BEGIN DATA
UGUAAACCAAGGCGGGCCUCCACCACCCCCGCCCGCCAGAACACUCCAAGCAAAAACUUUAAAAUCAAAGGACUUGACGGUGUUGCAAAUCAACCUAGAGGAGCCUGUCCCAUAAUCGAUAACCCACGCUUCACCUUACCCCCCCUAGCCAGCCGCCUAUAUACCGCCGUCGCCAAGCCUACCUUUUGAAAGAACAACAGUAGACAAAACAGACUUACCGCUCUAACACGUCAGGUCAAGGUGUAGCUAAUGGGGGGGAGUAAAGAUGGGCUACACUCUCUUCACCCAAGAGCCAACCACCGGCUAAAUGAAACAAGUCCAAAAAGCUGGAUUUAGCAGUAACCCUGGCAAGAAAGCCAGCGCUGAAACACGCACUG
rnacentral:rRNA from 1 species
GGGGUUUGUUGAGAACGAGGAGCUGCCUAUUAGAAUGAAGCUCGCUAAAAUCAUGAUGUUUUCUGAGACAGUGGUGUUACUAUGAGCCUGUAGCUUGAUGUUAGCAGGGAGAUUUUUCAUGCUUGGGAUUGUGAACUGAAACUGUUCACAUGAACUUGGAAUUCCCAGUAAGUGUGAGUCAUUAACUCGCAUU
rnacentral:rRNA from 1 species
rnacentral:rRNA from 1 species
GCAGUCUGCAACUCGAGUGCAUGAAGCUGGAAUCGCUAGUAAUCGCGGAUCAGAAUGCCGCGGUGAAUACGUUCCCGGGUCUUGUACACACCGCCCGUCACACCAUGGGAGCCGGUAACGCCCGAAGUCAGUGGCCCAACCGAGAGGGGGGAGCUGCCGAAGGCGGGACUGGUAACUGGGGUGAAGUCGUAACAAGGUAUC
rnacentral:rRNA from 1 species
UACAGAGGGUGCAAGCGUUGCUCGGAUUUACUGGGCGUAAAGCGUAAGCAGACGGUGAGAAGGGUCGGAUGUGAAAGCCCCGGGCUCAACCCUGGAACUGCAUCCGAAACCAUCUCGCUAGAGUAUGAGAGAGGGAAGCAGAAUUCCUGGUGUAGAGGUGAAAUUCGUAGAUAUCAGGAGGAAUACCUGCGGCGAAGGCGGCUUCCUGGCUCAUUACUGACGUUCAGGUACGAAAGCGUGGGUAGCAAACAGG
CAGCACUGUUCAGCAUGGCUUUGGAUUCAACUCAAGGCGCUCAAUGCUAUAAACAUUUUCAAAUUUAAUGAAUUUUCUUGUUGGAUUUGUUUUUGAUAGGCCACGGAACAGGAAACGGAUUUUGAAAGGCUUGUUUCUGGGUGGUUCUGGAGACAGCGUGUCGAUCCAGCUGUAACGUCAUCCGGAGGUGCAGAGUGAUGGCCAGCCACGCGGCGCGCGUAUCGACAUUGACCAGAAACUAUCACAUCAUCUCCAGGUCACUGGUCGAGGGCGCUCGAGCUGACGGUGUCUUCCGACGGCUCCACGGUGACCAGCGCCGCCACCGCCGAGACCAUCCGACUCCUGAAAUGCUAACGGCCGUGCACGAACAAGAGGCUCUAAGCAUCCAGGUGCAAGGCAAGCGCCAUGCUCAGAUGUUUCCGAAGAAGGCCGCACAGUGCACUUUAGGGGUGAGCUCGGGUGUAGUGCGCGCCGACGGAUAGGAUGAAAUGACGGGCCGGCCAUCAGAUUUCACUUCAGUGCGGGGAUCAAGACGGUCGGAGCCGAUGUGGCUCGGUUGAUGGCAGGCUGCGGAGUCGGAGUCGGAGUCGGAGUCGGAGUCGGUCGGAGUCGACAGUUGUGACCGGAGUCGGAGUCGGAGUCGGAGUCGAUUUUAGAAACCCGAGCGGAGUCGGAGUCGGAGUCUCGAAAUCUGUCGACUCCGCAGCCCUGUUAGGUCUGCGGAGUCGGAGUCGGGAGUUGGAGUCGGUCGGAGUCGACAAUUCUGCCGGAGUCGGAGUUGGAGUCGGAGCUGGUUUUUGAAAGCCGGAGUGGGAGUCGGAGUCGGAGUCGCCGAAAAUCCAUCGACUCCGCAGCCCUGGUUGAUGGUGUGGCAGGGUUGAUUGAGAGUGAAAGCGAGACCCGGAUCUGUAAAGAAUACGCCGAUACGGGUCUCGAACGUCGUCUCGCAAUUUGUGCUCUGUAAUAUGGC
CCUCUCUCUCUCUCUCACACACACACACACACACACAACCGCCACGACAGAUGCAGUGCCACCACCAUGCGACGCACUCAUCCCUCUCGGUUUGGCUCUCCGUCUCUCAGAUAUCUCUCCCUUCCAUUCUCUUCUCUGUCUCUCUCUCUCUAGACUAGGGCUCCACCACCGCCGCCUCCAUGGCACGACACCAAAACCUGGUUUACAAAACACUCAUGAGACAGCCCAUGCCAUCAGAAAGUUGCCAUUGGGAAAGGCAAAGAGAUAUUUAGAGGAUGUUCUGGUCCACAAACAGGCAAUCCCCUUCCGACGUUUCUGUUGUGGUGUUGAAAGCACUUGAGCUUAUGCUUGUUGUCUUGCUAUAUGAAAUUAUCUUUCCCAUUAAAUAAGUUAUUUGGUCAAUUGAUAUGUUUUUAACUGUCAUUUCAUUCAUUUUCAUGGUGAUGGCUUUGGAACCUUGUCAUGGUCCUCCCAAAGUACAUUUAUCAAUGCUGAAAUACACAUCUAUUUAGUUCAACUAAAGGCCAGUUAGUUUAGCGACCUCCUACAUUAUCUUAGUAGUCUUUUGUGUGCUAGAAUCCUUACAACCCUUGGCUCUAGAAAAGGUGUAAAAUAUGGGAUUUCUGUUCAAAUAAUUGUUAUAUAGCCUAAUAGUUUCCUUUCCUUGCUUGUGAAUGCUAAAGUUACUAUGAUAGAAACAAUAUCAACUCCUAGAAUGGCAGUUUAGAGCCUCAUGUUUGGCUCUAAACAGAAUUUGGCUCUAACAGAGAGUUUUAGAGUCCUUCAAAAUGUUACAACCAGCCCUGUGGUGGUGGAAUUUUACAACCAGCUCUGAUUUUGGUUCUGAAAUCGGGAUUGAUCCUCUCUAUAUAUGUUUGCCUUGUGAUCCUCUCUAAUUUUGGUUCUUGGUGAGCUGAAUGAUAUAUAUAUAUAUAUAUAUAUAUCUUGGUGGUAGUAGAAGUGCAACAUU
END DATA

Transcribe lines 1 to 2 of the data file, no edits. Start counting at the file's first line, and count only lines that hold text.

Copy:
UGUAAACCAAGGCGGGCCUCCACCACCCCCGCCCGCCAGAACACUCCAAGCAAAAACUUUAAAAUCAAAGGACUUGACGGUGUUGCAAAUCAACCUAGAGGAGCCUGUCCCAUAAUCGAUAACCCACGCUUCACCUUACCCCCCCUAGCCAGCCGCCUAUAUACCGCCGUCGCCAAGCCUACCUUUUGAAAGAACAACAGUAGACAAAACAGACUUACCGCUCUAACACGUCAGGUCAAGGUGUAGCUAAUGGGGGGGAGUAAAGAUGGGCUACACUCUCUUCACCCAAGAGCCAACCACCGGCUAAAUGAAACAAGUCCAAAAAGCUGGAUUUAGCAGUAACCCUGGCAAGAAAGCCAGCGCUGAAACACGCACUG
rnacentral:rRNA from 1 species